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Author Topic: Best software for noise reduction?  (Read 14081 times)
gmitchel
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« Reply #20 on: May 27, 2008, 09:08:12 AM »
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Mitch,

I think the main advantage of these tools over doing noise reduction in ACR is the considerable fine-tuning features they offer for selecting what is noise and how much to reduce it. Neat Image, Noise Ninja and Noiseware all provide many similar such features. The key item of interest for me is how well they compare in terms of their (and the user's) ability to separate noise from detail and preserve the latter while mitigating the former. It is in this respect that I find Noiseware particularly strong.

As for the use of capture sharpening in ACR, of course it depends on whether or not noise reduction is needed. If one needs to reduce noise, and if one decides that using a PS plug-in is the preferred approach, then right - one wouldn't want to sharpen the noise in ACR and then try reducing it. As you say, it kind of defeats the purpose of sharpening, but it also makes noise reduction more difficult. On the other hand, where no noise reduction is needed (increasingly the case with today's high-end DSLRs up to pretty high ISOs) capture sharpening works well either in ACR or in PS.
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If you save your RAW conversion as a Smart Image, using ACR4 or LR2 when it's released, it will work out better than well.

It is true that I do generalize from my own experience, which is with a 1DsMkII and a 20D currently, so they are more prone to noise than the latest generation of DIGIC.

I don't apply noise reduction to every photo and when I don't, I have considered ACR for capture sharpening. My hesitation has been the added control I get by selecting and refining the edge mask, making Blend If setting decisions, etc. It's the fine art photographer tendency to obsess over the small details.  I could certainly par down the file size by capture sharpening in ACR, though.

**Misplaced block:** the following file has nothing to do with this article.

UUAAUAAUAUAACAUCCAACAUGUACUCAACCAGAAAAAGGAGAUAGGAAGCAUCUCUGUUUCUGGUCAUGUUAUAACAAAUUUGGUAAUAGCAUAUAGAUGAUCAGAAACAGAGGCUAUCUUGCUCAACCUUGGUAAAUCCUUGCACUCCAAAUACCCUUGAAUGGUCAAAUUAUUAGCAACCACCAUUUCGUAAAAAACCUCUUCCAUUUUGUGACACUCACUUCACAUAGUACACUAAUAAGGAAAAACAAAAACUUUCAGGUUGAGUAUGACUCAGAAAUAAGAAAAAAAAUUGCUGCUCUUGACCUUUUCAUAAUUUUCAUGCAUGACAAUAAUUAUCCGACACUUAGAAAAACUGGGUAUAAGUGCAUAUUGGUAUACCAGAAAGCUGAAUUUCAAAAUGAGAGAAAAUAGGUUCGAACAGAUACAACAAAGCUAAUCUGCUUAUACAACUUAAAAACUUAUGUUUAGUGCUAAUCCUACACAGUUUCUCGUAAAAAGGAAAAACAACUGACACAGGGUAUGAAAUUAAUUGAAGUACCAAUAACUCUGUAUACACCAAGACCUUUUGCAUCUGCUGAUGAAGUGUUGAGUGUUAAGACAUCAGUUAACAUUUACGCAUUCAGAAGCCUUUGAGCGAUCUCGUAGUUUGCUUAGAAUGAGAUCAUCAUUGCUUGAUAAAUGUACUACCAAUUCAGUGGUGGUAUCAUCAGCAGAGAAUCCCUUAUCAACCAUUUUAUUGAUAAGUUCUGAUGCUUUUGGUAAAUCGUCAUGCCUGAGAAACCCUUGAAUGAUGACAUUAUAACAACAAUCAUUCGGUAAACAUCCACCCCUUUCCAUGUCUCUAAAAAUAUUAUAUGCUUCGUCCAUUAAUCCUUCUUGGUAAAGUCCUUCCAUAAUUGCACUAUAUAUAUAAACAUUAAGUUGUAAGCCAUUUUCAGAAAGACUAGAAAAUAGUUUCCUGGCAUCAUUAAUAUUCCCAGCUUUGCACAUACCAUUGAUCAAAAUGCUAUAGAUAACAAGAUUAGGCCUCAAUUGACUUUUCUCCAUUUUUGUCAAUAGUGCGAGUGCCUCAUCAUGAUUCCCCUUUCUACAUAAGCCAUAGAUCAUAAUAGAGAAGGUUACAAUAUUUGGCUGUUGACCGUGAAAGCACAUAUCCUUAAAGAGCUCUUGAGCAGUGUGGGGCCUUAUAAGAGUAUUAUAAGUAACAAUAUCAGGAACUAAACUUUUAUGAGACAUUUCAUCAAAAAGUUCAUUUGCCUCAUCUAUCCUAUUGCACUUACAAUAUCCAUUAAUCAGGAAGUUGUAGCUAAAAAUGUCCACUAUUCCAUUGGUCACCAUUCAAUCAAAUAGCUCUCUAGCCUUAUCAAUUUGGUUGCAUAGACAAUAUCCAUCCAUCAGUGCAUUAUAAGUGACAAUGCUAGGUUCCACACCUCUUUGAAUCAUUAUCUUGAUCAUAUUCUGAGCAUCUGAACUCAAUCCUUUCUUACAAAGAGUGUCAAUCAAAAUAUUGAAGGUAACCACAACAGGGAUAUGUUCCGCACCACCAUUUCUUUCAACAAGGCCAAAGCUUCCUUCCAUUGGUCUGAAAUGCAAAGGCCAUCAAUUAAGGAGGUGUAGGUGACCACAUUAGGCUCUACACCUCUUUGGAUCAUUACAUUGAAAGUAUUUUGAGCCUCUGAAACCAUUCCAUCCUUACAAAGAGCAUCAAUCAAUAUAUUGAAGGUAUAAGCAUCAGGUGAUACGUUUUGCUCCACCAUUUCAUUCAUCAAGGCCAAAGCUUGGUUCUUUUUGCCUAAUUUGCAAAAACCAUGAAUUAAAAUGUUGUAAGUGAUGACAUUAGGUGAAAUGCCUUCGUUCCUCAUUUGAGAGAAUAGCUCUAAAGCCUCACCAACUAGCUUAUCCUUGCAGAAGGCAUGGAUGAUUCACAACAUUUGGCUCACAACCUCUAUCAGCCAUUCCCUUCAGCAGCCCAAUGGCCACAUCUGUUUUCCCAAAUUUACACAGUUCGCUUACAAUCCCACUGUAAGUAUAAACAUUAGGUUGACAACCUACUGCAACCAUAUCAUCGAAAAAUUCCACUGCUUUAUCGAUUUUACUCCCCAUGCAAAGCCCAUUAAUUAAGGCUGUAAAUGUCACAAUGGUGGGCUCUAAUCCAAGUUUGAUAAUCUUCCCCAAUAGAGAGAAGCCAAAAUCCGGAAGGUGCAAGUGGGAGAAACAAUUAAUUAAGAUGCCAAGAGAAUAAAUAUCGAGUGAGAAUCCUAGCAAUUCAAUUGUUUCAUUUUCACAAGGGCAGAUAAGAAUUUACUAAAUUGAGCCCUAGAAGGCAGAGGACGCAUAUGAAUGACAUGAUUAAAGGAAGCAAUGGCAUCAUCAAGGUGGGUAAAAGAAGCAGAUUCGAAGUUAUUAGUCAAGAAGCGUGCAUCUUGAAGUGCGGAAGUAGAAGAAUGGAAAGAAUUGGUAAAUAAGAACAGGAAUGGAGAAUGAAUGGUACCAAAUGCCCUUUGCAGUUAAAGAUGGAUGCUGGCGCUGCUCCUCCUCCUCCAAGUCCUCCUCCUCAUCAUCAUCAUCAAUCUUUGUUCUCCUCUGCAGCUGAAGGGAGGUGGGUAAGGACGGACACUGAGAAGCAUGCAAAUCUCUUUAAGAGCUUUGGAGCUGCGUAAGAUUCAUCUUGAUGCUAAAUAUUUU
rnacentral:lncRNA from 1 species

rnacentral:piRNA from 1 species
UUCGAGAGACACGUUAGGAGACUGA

I definitely hear ya, and I think we're in 100% agreement.

Cheers,

Mitch
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digitaldog
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« Reply #21 on: May 27, 2008, 09:09:39 AM »
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LOL. You know me better than that, Andrew.  I don't solicit or review copies. I know they'll give me a copy.

So why not update your review of what is arguably the best product on the market? You can either use the demo or ask for an NFR which is perfectly appropriate? I'm not sure what your points are but the review is incomplete at best!

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I also don't review demos. I find that to be really risky, especially since demos night not be as current as production copies.

hogwash.

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Aside from paying for the Web hosting, the money from donations to my site is used to pay for software to review. It all does back to the DP community.

I sure don't *NEED* four different noise reduction packages (five, when I buy Noiseware)! LOL.

OK so your point is, you ask for donations to run a site to have reviews up that help the imaging community but what again is the reason you can't ask for an NFR or provide a review of Noiseware?
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Andrew Rodney
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gmitchel
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« Reply #22 on: May 27, 2008, 09:14:06 AM »
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What I like about Noise Ninja is the facility to selectively remove the noise reduction effect after it has been applied, using a variable size brush. This is useful for areas where retaining full resolution is more important than the slight but inevitable softening that always results from noise reduction. For example, a slight softening of resolution of pores on skin might be desirable, but not on eyebrows and eyelashes.